Our readers should, by now, appreciate the colossal magnitude of this financial crisis. When you listen the media, the phrase “since the Great Depression” is often mentioned. Make no mistake about this, this has the potential to be worse than the Great Depression (note: we are NOT predicting that it will happen).

The world’s stock market is rallying in the hope that the US government’s plan to nationalise the financial industry will be successful in stopping the core of the rot. New legislations has to be rushed through Congress by the end of next week to change the rules to make the plan legal. As in everything done in haste, we believe there will not be enough thought put into them to understand the long-term ramifications. It is probable that once the changes are in place, they will not be revisited again.

As we warned in Recipe for hyperinflation,

There is no way any politician can sell the message that America needs a severe recession (or even a depression) to cleanse the economy from the gross excesses, imbalances, blunders and mal-investments. Thus, it is very likely that they will have to fight deflation till the very bitter end, till the last drop of blood from their last soldier. Since the current structure of ?rules? will be too restrictive in such a war against deflation, there will be popular momentum towards the bending and rolling back of these ?rules.? If they press on relentlessly till the final end, there can only be one outcome: the US dollar will be joining the long list of failed fiat paper money in the annals of human civilisation.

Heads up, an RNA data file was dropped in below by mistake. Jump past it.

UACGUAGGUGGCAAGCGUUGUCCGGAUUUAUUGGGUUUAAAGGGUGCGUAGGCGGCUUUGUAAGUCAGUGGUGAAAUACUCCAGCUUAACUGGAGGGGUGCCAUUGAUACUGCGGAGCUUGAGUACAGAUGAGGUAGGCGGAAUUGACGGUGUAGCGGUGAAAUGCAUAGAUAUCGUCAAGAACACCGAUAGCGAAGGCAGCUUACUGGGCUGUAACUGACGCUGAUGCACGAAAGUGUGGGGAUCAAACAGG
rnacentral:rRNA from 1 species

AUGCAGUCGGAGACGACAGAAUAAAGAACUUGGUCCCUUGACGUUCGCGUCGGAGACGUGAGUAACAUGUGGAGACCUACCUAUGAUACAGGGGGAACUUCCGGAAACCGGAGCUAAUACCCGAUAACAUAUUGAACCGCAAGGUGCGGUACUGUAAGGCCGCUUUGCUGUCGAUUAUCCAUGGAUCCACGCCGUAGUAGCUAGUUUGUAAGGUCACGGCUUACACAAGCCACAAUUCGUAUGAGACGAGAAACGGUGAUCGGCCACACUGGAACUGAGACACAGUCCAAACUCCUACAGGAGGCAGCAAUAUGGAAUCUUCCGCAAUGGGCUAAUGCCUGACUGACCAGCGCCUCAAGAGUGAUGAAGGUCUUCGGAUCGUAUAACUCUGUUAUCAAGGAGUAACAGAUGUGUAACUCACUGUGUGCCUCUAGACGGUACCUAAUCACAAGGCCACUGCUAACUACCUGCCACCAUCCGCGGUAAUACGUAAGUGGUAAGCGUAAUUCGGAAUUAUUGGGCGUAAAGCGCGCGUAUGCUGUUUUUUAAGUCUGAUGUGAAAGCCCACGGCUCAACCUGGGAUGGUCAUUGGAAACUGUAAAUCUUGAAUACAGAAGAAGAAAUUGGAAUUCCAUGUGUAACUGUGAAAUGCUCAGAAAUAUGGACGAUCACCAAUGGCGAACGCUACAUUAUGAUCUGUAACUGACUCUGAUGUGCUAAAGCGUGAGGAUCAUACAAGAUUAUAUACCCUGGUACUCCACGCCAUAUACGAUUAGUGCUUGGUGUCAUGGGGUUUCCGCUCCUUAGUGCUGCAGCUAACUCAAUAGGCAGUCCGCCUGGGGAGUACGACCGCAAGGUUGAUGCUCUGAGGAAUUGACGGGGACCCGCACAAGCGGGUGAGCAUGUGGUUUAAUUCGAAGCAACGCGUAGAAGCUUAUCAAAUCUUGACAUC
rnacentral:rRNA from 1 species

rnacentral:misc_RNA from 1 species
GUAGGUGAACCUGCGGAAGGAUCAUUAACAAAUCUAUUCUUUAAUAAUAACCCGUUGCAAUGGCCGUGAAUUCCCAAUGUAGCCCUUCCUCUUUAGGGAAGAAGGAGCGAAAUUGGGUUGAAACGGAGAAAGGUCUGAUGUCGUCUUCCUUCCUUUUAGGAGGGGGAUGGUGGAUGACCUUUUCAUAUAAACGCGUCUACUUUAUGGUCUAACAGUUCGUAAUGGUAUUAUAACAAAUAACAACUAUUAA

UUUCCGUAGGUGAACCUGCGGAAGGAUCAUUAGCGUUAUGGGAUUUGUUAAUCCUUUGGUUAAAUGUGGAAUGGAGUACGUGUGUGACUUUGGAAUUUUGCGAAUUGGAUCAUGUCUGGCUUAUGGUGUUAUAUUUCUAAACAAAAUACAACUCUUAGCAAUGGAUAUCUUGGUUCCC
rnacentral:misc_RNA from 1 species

Chained together, for better for worse

Wednesday, September 17th, 2008

As the drama unfolds in Wall Street over the past week, you may wonder what the big deal is. So what if Lehamn Brothers collapses? So what if AIG and Washinton Mutual go down the grave too. Why are the financial markets, central bankers and governments all over the world so jumpy about all these failures?

One word to explain it: contagion.

As we explained back in Financial system?messy, tangled ball of yarn,

All these ?wonders? of the modern financial system, namely debt and derivatives, enabled the creation of a complex tangled mess of linkages between participants (e.g. financial institutions, funds, investors, banks, etc). The former (debt) allows the use of leverage while the latter (derivatives) allows risks to be transferred like a hot potato from one hand to the other. That sounds good, does it? But what if the derivative that you used to hedge your risks become useless because the counter-party of that derivative could not honour its obligation? In that case, you may not be able to honour your obligation against another party. Imagine repeating this scenario countless times over, forming a yarn of complex entanglements. What if a small section of the yarn catches fire? What will happen to the yarn as a whole?

To give you a more concrete idea of what’s going on in the financial system, consider this hypothetical scenario from this excellent article, The Ultimate Wall Street Nightmare: